Access monitoring and logging
All access requests made and granted, along with details of the data retrieved, are recorded in the audit data repositories—which are separate and secure. These repositories are designed for analytical review and investigation by the security team.
Security analytics and auditing
The use of workflow for granting and removing access rights provides auditable evidence of user access to particular data. Access logging reveals:
- Who extracted a particular type of data
- The scope of a particular individual’s access to data
Data responsibility at IBM Cloud Europe
Our data-centric approach to building and operating IBM Cloud ensures your data privacy and security are respected. The technology and processes outlined here ensure we meet these requirements continuously. We also give you the tools to enable success with your own privacy and security. Many products and services are available from the robust IBM Cloud catalog that provide the needed functionality to secure data and meet the stringent requirements of global standards and regulations. We provide customers with mechanisms to limit access, to log and monitor activity, to respond to vulnerabilities and risks, and more. With us, clients focus on what is most important to their business: turning their data into actionable insight.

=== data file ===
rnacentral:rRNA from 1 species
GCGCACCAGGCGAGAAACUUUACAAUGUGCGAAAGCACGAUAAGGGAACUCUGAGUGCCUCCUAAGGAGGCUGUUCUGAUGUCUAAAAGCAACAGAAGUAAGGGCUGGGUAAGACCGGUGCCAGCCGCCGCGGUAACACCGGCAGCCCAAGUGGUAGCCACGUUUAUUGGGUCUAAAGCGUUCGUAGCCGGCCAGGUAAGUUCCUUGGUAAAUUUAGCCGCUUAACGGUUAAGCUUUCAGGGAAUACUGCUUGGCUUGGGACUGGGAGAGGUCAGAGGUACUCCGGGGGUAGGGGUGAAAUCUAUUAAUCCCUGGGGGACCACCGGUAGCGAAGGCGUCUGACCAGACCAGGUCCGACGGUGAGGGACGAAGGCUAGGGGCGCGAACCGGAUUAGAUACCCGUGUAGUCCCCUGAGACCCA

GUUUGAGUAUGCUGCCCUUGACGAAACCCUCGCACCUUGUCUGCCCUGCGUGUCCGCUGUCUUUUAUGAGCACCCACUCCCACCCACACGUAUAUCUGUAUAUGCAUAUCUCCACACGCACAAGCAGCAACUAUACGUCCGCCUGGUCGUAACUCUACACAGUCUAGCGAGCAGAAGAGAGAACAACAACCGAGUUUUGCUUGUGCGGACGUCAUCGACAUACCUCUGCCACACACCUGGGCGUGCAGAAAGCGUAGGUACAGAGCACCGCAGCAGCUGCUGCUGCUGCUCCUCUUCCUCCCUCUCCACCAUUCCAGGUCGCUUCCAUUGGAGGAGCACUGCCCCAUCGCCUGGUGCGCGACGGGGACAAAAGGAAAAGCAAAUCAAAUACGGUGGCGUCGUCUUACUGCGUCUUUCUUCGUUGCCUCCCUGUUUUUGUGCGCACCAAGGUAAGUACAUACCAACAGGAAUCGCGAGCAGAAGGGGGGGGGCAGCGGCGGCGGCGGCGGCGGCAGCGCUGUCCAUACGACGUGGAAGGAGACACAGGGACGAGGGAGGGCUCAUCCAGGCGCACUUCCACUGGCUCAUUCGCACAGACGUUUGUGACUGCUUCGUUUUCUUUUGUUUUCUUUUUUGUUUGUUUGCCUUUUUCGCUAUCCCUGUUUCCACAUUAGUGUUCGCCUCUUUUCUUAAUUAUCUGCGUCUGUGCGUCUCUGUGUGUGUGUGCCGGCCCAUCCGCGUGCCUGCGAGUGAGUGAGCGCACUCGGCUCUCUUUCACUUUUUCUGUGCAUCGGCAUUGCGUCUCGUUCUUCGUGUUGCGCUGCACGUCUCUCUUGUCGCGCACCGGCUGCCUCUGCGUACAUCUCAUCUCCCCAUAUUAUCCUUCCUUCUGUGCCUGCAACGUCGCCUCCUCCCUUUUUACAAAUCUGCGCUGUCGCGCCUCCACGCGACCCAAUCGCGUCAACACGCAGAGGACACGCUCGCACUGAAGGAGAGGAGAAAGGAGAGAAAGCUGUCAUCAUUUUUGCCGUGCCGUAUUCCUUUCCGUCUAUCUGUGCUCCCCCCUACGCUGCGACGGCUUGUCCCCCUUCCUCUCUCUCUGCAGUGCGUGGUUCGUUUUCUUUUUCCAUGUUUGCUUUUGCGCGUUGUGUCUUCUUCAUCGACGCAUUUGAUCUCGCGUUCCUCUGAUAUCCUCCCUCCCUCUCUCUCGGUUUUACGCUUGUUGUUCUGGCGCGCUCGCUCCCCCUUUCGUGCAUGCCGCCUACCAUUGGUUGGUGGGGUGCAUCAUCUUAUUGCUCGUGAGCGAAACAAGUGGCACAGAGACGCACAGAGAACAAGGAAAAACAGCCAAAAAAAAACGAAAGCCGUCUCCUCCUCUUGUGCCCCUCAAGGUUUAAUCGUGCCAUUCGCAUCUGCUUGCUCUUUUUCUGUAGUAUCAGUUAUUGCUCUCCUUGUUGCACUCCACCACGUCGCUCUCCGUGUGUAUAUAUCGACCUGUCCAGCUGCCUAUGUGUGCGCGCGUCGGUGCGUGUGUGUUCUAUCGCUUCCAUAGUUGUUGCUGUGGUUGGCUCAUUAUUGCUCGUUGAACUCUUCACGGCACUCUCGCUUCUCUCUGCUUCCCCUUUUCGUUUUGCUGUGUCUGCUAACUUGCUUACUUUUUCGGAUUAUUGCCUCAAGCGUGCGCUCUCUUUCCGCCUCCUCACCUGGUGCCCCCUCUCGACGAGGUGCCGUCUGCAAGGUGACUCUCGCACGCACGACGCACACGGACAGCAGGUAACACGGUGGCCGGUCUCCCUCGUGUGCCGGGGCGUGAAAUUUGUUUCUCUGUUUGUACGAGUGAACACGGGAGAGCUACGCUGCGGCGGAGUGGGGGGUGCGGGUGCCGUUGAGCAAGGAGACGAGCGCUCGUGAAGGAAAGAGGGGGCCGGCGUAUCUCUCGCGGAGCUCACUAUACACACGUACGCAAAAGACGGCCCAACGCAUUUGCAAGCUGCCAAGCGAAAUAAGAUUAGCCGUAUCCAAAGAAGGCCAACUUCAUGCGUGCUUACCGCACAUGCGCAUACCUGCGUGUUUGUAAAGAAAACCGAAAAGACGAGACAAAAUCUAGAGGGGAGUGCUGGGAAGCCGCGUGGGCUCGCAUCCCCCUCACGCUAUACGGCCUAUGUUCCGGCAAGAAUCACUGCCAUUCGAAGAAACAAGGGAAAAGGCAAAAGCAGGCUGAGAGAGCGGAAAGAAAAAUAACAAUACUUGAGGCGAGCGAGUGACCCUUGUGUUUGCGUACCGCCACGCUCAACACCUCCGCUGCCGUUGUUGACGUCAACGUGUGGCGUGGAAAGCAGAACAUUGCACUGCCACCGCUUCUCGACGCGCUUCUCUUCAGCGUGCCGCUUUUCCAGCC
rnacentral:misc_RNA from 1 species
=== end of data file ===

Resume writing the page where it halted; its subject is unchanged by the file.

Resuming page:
Our data-first security principles safeguard customer data across the world. IBM Cloud Europe is planning additional capabilities which give clients even more control of their data and more visibility into how we process data.
We are updating our security access procedures for dedicated and shared environments in Europe to ensure client content (including personal data and special personal data) stays in the EU. EU-based IBM employees play a critical role in our incident and change management processes, reviewing all changes that affect client data and any data access requests from outside the EU. For dedicated cloud instances, we’re putting you in control—you will review and approve all non-EU access requests to your content if an instance requires support or access from a non-EU based employee.
If data must be accessed outside the EU, we ensure appropriate and transparent transfer mechanisms are in place and consistent levels of protection are maintained—regardless of location. This allows us to securely connect our worldwide team with European support professionals to leverage global subject matter expertise.
For more resources about how we protect your data:
Learn more about our European data protection controls